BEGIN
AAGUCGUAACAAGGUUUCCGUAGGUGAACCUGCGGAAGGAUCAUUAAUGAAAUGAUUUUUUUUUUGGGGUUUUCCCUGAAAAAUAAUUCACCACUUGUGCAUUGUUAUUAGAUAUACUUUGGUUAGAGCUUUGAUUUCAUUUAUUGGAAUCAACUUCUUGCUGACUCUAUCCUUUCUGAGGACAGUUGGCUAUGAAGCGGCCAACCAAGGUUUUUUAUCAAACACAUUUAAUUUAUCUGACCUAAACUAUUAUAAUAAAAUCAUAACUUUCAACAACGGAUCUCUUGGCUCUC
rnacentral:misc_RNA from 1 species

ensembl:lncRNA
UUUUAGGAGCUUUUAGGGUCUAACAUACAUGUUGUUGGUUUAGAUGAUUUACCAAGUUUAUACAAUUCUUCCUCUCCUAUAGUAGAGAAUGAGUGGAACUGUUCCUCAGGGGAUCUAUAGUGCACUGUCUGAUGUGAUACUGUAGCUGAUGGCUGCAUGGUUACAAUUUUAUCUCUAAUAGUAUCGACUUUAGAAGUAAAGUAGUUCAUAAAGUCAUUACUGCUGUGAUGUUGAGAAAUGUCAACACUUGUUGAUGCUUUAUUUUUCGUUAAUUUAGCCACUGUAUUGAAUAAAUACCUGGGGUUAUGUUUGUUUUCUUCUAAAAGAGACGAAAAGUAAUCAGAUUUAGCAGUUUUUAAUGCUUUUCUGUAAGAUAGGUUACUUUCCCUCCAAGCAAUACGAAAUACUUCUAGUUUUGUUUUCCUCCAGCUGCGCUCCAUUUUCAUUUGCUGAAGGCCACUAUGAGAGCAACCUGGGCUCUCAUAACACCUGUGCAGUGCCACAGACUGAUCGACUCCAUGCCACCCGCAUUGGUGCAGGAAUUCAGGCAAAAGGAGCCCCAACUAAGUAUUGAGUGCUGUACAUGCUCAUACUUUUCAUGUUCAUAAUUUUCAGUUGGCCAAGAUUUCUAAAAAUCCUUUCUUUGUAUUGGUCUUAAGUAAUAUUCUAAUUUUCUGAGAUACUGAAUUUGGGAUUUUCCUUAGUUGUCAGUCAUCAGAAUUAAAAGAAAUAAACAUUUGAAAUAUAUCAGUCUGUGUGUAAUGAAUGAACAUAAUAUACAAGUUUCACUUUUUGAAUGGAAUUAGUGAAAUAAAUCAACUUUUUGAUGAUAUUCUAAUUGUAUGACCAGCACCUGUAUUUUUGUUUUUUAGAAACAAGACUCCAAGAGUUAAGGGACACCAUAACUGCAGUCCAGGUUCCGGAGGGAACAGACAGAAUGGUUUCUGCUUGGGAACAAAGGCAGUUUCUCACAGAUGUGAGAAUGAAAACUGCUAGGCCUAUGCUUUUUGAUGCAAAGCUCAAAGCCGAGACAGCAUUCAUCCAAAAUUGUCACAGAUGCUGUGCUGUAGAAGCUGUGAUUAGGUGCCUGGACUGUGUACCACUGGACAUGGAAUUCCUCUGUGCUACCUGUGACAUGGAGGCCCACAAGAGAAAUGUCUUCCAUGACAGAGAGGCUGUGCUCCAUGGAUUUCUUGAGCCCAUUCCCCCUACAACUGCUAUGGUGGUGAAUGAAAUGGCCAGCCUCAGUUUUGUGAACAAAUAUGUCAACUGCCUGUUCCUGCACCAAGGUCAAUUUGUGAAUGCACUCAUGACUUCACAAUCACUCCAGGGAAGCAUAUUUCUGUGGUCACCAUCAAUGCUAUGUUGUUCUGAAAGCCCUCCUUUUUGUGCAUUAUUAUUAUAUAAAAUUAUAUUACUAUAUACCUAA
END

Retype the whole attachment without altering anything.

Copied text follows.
AAGUCGUAACAAGGUUUCCGUAGGUGAACCUGCGGAAGGAUCAUUAAUGAAAUGAUUUUUUUUUUGGGGUUUUCCCUGAAAAAUAAUUCACCACUUGUGCAUUGUUAUUAGAUAUACUUUGGUUAGAGCUUUGAUUUCAUUUAUUGGAAUCAACUUCUUGCUGACUCUAUCCUUUCUGAGGACAGUUGGCUAUGAAGCGGCCAACCAAGGUUUUUUAUCAAACACAUUUAAUUUAUCUGACCUAAACUAUUAUAAUAAAAUCAUAACUUUCAACAACGGAUCUCUUGGCUCUC
rnacentral:misc_RNA from 1 species

ensembl:lncRNA
UUUUAGGAGCUUUUAGGGUCUAACAUACAUGUUGUUGGUUUAGAUGAUUUACCAAGUUUAUACAAUUCUUCCUCUCCUAUAGUAGAGAAUGAGUGGAACUGUUCCUCAGGGGAUCUAUAGUGCACUGUCUGAUGUGAUACUGUAGCUGAUGGCUGCAUGGUUACAAUUUUAUCUCUAAUAGUAUCGACUUUAGAAGUAAAGUAGUUCAUAAAGUCAUUACUGCUGUGAUGUUGAGAAAUGUCAACACUUGUUGAUGCUUUAUUUUUCGUUAAUUUAGCCACUGUAUUGAAUAAAUACCUGGGGUUAUGUUUGUUUUCUUCUAAAAGAGACGAAAAGUAAUCAGAUUUAGCAGUUUUUAAUGCUUUUCUGUAAGAUAGGUUACUUUCCCUCCAAGCAAUACGAAAUACUUCUAGUUUUGUUUUCCUCCAGCUGCGCUCCAUUUUCAUUUGCUGAAGGCCACUAUGAGAGCAACCUGGGCUCUCAUAACACCUGUGCAGUGCCACAGACUGAUCGACUCCAUGCCACCCGCAUUGGUGCAGGAAUUCAGGCAAAAGGAGCCCCAACUAAGUAUUGAGUGCUGUACAUGCUCAUACUUUUCAUGUUCAUAAUUUUCAGUUGGCCAAGAUUUCUAAAAAUCCUUUCUUUGUAUUGGUCUUAAGUAAUAUUCUAAUUUUCUGAGAUACUGAAUUUGGGAUUUUCCUUAGUUGUCAGUCAUCAGAAUUAAAAGAAAUAAACAUUUGAAAUAUAUCAGUCUGUGUGUAAUGAAUGAACAUAAUAUACAAGUUUCACUUUUUGAAUGGAAUUAGUGAAAUAAAUCAACUUUUUGAUGAUAUUCUAAUUGUAUGACCAGCACCUGUAUUUUUGUUUUUUAGAAACAAGACUCCAAGAGUUAAGGGACACCAUAACUGCAGUCCAGGUUCCGGAGGGAACAGACAGAAUGGUUUCUGCUUGGGAACAAAGGCAGUUUCUCACAGAUGUGAGAAUGAAAACUGCUAGGCCUAUGCUUUUUGAUGCAAAGCUCAAAGCCGAGACAGCAUUCAUCCAAAAUUGUCACAGAUGCUGUGCUGUAGAAGCUGUGAUUAGGUGCCUGGACUGUGUACCACUGGACAUGGAAUUCCUCUGUGCUACCUGUGACAUGGAGGCCCACAAGAGAAAUGUCUUCCAUGACAGAGAGGCUGUGCUCCAUGGAUUUCUUGAGCCCAUUCCCCCUACAACUGCUAUGGUGGUGAAUGAAAUGGCCAGCCUCAGUUUUGUGAACAAAUAUGUCAACUGCCUGUUCCUGCACCAAGGUCAAUUUGUGAAUGCACUCAUGACUUCACAAUCACUCCAGGGAAGCAUAUUUCUGUGGUCACCAUCAAUGCUAUGUUGUUCUGAAAGCCCUCCUUUUUGUGCAUUAUUAUUAUAUAAAAUUAUAUUACUAUAUACCUAA